Colloquial language and slang overlap to a certain extent. Both are informal, and are more common in spoken than in written language. You might use either when speaking or writing to a friend; when speaking to a person in authority or writing to an acquaintance you might use colloquial language but avoid slang, and you would not use either in a formal letter or report.
The difference between them lies mainly in who uses them, and why. Colloquial language of informal everyday speech, and its words and phrases will be know and used naturally by most people having the language as their mother tongue.
Slang is more often used consciously in particular circumstances or within a restricted group. Each generation of teenagers makes up its own slang and uses it as a private language. Most trades and professions have their own slang words, often shorter and simpler words for technical terms, which are used partly for convenience and partly to show that the speaker is “in the trade” and “in the know“. Slang can be quite vivid and picturesque, and may be used in fun or to shock. It can also be used to show that the user is speaking informally; that he or she feels at ease or is trying to put the listener at ease.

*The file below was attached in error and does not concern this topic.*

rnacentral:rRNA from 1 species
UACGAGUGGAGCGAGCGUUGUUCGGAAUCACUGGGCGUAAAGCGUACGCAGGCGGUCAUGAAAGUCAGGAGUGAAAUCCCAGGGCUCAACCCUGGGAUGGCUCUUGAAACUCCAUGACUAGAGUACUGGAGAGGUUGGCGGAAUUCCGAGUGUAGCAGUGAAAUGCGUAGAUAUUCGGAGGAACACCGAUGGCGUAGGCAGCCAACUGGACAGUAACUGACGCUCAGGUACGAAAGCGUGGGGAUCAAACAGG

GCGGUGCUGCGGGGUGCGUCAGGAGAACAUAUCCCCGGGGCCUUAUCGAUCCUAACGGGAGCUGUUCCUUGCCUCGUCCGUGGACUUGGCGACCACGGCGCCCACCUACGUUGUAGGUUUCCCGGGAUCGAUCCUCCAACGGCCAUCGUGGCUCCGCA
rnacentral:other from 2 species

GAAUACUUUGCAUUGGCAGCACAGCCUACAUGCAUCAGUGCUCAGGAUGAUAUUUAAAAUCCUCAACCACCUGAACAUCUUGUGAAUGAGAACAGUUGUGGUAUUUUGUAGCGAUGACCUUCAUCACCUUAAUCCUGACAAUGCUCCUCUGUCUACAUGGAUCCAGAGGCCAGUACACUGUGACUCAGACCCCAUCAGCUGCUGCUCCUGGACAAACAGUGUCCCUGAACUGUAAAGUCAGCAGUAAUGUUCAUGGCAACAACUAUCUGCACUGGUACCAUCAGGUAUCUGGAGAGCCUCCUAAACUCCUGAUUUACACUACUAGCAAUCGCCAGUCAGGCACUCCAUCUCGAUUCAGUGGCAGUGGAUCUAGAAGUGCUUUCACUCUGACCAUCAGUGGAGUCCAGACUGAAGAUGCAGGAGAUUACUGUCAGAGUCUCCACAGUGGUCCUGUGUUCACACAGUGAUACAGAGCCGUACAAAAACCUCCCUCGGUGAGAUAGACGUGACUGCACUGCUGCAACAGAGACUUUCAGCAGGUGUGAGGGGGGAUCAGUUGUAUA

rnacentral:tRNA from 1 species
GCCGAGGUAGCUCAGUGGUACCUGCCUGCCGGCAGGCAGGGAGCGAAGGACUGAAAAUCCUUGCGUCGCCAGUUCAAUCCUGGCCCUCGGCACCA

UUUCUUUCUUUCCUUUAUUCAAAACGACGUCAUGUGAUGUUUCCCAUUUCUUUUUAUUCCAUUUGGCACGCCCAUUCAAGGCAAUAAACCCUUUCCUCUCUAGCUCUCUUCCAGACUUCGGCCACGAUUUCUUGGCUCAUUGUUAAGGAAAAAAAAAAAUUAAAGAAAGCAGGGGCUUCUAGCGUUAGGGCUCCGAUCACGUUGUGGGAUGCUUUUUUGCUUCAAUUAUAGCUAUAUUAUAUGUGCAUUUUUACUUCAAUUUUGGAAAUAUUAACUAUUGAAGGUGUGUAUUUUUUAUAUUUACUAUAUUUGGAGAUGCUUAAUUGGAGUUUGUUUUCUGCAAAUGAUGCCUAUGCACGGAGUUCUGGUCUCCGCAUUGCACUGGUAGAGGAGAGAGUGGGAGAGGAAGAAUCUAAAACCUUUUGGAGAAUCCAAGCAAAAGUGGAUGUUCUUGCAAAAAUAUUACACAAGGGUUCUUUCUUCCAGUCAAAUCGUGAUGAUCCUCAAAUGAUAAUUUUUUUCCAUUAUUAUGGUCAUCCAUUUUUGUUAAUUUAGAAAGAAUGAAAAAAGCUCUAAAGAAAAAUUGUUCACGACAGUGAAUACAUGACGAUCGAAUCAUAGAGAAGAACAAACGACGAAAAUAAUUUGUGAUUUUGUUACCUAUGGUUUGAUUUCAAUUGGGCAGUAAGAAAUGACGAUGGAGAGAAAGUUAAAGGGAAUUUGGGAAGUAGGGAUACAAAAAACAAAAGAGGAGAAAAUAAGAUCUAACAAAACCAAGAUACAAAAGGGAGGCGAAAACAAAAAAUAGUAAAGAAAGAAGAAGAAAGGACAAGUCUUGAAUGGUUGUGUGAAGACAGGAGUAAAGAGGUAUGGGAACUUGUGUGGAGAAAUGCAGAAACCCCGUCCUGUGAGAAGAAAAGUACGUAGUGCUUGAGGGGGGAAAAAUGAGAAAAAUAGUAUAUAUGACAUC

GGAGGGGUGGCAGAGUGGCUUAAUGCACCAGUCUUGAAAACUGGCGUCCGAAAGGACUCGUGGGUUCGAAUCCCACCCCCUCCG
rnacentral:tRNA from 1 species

Colloquial terms tend to stay in the language for a long time and to be fairly stable. Slang, on the other hand, may die or fairly quickly or may escape from restricted usage and be accepted into colloquial or standard English; clever, fun, and mob were all once regarded as slang. (This is less true of professional slang, where the ‘in’ group is stable although individual members of it come and go.)
Jargon refers to the language of a trade or profession, which may include the slang, used inappropriately. Technical language is perfectly all right when used between those who do not or cannot be expected to understand it, or when it seems to be used merely to impress rather than to communicate. Jargon can be used deliberately to gull the lay person, but is often the result of experts forgetting that their terminology needs explaining; computer instruction manuals are notorious examples.